happening judging on the number of companies offering fibre laser cutting solutions, many for the first time at Euroblech. He also spoke about the need to optimise processes and reduce delays. His third prediction sees Southeast Asia taking a leading role in consuming sheet metalworking solutions. In an interview with Asia Pacific Metalworking Equipment News (APMEN), Mr Töngi said: “Asia occupies a little bit more than a quarter of our business in terms of value. It is a tremendous shift if you look at the last 10 years. I believe Asia will go on to 40 percent in the future.” He revealed that in terms of number of units, China is already the biggest market. However, China’s rise is now rivalled by countries from Southeast Asia. “China has been dominating in the last five years but now, Indonesia, Vietnam and Thailand are doing well. I was in Indonesia and Thailand two weeks ago and I realised they are looking for two types of products, mainly big machines to build infrastructures and automobiles,” he added. Staying in Asia, Mr Töngi said

We should differentiate ourselves in terms of services. - Ferdi Töngi

Technologies At Euroblech

The ByAutonom is a laser cutting system developed from the beginning as an autonomous working machine

In the niche market of sheet metalworking, the materials used are different and so are the machines and technologies. Although the solutions are unique to its field, the industry is not immune to market fluctuations, especially for a job shop owner. These challenges are eventually passed on to machine makers and it becomes part of their job to advise their customers what the best way forward is. The current market climate places a lot of strain on profit margins and people do not necessarily have as much resources or time compared to the past. For instance, it is thought that process optimisation is one of the many points in the ever growing wish list of a sheet metalworking job shop owner. Along with this, more power is expected from machines but less manpower is available to operate the hardware. In addition, flexibility and the ease of usage add to the growing difficulties of a sheet metal job shop. To overcome these challenges, Bystronic pushed out 10 new products at the show. They are the ByAutonom, BySprint Pro, BySprint Fiber, BySun, ByJet Smart, Xpert, Hämmerle 3P, Xcite 80 E, ByVision and BySoft 7. The ByAutonom is a laser cutting system developed from the beginning as an autonomous working machine, which together with automation modules such as ByTrans, ByTower and Bycell, can be used for reduced-manning operation. This is also applicable if the type and thickness of the raw material has to be changed. The linear motors accelerate the machine to higher speeds. This is supported by a machine bed and the bridge. Even thick materials are cut faster and better because of a 9 inch cutting head, which is better suited to such orders than a 7.5 inch cutting head. At EuroBlech 2012, the machine won a MM Award. It was awarded the main prize in the cutting category. The Xcite is the next exhibition highlight from the company. It is a press

Jan-Feb 2013 asia pacific metalworking equipment news


Features the company would use BySun, an entry level machine made in China, for the Chinese market and export it to Southeast Asia and eventually India. The company currently manufactures some ¼ of their lasers in China. He said other efforts to engage the region include setting up a sales and service company in Vietnam. The Soft Approach The most pertinent prediction he made was the ‘soft factors’ emerging as key differentiators in the market place. With the adoption rate of fibre laser set to explode in the next few years, many builders are teaming up with OEM laser suppliers to build fibre laser cutting machines. This technology ‘race’ will first result in improvements but eventually reach a technology ceiling. Mr Töngi believes a day will come where there is no longer much to choose between press brakes or laser cutting machines built by rival manufacturers, as they are both as good. Elaborating, Mr Töngi said: “In the past, there is a chance to make differentiation in products. 3 kW is more powerful than 2 kW, everybody understands. This differentiation however, is getting smaller and smaller. Therefore, we must be different in the softer aspect of the business. We should differentiate ourselves in terms of services. This entails a lot of factors. For instance, the customer has to feel comfortable talking to us.” Apart from service, branding is also another major factor. Using the automobile industry as an example, he explained: “If you go to China, which cars are perceived to be good? Most would say German cars, period. The branding must be right as you do not buy a car purely because of its horsepower.” Enquiry No. 1506 Turn to page 96a or log on to to enquire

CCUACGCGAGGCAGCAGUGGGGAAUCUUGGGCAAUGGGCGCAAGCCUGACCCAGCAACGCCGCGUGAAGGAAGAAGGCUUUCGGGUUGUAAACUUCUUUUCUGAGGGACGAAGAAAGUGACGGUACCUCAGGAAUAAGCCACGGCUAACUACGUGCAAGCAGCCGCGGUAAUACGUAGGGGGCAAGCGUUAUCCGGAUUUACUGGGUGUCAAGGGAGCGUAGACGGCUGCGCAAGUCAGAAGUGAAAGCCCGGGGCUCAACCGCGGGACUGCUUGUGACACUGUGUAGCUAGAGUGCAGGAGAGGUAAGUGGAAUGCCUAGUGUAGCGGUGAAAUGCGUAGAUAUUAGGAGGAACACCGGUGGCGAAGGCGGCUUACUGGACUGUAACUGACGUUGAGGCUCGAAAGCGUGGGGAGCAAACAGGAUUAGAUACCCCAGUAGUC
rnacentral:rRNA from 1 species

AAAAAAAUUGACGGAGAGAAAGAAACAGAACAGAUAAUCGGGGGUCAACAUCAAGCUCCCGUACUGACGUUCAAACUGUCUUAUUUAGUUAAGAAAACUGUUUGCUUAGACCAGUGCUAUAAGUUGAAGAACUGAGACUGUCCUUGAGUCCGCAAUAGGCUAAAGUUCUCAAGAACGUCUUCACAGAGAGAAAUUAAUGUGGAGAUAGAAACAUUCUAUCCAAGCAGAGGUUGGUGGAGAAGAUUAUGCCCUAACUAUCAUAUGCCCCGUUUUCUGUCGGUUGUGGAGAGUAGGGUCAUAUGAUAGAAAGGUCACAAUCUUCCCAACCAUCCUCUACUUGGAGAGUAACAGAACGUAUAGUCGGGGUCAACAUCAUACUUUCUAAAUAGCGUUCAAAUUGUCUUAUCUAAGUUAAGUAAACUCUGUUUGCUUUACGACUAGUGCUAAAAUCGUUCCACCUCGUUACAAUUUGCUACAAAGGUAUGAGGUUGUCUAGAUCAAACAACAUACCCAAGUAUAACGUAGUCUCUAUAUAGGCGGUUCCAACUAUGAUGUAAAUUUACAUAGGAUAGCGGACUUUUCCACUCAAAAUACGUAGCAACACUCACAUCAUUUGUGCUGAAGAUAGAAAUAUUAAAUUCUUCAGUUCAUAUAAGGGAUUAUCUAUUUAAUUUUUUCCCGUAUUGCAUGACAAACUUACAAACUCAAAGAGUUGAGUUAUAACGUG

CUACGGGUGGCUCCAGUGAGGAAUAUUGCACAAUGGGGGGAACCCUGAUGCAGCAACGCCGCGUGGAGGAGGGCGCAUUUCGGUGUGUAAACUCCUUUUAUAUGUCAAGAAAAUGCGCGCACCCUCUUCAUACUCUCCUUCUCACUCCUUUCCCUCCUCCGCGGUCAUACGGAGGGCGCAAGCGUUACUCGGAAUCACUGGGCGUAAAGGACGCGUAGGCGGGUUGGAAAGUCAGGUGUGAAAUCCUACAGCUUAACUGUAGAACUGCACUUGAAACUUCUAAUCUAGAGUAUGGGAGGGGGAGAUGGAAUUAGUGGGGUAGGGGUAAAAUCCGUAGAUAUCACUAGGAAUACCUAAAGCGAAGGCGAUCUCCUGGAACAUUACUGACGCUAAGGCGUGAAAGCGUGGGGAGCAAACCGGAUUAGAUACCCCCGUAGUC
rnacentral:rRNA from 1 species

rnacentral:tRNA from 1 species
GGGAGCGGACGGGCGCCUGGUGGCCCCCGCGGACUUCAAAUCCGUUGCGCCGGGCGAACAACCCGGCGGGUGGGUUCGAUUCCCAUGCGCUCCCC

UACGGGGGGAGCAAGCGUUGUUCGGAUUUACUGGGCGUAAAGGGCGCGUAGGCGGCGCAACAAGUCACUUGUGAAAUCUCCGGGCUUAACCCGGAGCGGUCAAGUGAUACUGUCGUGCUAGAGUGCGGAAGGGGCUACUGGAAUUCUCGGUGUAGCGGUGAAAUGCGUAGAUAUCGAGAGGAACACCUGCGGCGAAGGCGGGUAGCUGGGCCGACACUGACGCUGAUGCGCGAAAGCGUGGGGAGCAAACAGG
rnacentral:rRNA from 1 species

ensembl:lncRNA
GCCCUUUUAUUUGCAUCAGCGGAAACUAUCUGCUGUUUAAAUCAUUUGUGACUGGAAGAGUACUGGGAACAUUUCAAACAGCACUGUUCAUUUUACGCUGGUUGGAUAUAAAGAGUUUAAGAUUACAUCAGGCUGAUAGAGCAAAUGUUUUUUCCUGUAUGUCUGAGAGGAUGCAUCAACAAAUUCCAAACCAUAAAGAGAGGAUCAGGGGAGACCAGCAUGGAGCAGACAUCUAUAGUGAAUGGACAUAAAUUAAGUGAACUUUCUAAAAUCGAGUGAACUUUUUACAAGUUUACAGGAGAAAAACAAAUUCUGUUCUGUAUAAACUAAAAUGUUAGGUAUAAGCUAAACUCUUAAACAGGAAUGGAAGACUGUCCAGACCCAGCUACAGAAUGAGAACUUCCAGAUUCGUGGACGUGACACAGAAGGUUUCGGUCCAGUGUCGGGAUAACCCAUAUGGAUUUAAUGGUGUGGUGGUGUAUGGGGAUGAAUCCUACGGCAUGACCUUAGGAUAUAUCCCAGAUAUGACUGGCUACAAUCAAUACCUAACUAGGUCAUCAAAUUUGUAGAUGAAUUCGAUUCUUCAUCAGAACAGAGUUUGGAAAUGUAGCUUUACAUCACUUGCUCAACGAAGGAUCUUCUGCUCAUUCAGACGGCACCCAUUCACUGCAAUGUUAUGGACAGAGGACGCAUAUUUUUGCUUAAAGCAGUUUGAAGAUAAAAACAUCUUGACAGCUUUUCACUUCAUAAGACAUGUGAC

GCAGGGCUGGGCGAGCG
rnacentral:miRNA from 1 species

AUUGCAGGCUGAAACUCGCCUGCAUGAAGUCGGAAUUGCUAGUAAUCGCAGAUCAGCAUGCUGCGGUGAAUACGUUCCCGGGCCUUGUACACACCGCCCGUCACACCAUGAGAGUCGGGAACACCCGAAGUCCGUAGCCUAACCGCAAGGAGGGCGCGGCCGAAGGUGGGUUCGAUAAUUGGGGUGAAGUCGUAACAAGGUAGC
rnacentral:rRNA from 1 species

asia pacific metalworking equipment news Jan-Feb 2013

The BySoft 7 software simplifies the processes within a factory

The press brake is electrically driven brake that is electrically driven. The manufacturer said the press brake is some 2.5 times faster than a hydraulic pressbrake. Using the Fast Bend+ safety system, the tool can be positioned closely to the metal sheet without the operator being placed in any danger. Only then does the machine switch over to bending speed. Using the Force Dynamic Drive (FDD), the machine bends to within a tolerance of +/- 25 arc minutes and has a repeatability of +/- 0.0025 mm. Described as a ‘new software generation’, the BySoft 7 is a modular CAD/ CAM software with 2D and 3D CAD as well as functions for scheduling and monitoring manufacturing processes. The software program is easy for firsttime users to operate and it simplifies the processes within a factory.